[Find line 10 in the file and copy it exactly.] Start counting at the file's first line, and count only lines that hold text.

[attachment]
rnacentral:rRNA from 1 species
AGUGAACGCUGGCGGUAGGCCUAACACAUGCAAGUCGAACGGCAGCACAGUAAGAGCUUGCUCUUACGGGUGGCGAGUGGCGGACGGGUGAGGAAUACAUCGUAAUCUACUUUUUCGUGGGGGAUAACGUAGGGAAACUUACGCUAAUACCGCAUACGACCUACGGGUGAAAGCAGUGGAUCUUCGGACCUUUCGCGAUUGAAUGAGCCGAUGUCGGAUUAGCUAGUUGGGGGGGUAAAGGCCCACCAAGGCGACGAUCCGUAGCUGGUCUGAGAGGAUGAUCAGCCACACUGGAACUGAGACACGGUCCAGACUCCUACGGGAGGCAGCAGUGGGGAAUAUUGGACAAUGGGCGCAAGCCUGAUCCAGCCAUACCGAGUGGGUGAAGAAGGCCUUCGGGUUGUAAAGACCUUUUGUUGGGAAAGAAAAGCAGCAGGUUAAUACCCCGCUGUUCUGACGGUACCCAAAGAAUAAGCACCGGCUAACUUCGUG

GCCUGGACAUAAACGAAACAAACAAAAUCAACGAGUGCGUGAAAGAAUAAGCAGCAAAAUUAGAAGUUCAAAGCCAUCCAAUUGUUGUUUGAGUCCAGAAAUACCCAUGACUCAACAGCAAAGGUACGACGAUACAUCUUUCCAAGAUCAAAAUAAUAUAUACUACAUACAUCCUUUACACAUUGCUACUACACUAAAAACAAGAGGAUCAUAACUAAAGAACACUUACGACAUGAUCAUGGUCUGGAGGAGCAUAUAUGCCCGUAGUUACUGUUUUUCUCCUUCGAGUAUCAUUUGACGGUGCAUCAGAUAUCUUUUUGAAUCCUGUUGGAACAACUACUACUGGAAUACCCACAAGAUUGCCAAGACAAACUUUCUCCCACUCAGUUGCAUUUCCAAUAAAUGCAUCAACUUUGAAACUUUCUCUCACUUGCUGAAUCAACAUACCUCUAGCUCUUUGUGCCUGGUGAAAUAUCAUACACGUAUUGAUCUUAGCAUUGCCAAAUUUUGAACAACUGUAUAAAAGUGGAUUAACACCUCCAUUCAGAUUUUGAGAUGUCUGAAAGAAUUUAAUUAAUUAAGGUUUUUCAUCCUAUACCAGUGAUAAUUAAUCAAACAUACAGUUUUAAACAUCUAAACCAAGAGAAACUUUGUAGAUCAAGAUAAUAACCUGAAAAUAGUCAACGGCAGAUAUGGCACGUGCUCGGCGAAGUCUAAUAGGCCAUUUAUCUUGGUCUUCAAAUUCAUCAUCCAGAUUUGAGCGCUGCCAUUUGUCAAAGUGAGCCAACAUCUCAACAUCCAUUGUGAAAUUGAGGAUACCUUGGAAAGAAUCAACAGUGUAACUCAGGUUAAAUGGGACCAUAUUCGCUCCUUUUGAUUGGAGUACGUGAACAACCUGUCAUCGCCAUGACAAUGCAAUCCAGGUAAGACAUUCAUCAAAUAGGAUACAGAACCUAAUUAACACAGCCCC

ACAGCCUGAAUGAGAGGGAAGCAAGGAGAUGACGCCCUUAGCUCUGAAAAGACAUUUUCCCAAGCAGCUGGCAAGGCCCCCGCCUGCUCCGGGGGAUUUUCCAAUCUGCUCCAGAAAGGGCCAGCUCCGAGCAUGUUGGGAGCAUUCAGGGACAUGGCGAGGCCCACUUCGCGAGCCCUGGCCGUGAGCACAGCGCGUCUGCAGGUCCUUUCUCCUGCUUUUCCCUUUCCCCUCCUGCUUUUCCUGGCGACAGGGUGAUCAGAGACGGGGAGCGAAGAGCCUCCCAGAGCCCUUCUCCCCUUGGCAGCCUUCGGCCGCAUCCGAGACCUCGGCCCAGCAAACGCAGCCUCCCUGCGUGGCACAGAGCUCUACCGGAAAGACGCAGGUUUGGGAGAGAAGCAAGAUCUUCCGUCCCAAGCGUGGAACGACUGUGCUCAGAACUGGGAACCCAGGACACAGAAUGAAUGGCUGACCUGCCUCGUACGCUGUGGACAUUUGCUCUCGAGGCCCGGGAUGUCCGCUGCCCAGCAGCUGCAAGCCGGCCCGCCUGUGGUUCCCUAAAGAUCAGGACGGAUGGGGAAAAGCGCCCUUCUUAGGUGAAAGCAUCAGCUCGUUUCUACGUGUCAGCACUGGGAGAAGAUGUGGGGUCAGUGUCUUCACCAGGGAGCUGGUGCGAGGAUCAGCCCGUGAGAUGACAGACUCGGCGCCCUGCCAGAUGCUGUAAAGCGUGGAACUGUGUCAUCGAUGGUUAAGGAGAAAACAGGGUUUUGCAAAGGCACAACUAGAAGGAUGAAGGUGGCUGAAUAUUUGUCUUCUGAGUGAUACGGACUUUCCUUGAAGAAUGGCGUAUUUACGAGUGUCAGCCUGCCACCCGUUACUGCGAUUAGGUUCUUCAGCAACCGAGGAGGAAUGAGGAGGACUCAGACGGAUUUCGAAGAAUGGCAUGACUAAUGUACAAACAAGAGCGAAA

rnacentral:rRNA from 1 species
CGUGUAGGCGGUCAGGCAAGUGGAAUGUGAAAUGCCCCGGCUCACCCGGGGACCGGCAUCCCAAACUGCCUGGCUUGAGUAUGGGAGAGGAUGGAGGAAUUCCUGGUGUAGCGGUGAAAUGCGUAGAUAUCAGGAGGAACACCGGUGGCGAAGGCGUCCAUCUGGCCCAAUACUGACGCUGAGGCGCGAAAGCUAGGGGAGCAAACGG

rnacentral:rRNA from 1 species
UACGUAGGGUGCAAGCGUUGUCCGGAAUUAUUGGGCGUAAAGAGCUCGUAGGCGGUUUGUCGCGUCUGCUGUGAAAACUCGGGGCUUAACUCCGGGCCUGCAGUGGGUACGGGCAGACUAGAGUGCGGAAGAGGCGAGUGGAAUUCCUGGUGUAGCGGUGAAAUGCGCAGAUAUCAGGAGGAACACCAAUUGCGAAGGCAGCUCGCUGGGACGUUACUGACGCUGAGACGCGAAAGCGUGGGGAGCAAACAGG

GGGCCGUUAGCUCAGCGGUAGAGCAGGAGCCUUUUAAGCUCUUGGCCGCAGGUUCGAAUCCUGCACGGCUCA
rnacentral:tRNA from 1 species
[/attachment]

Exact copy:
rnacentral:tRNA from 1 species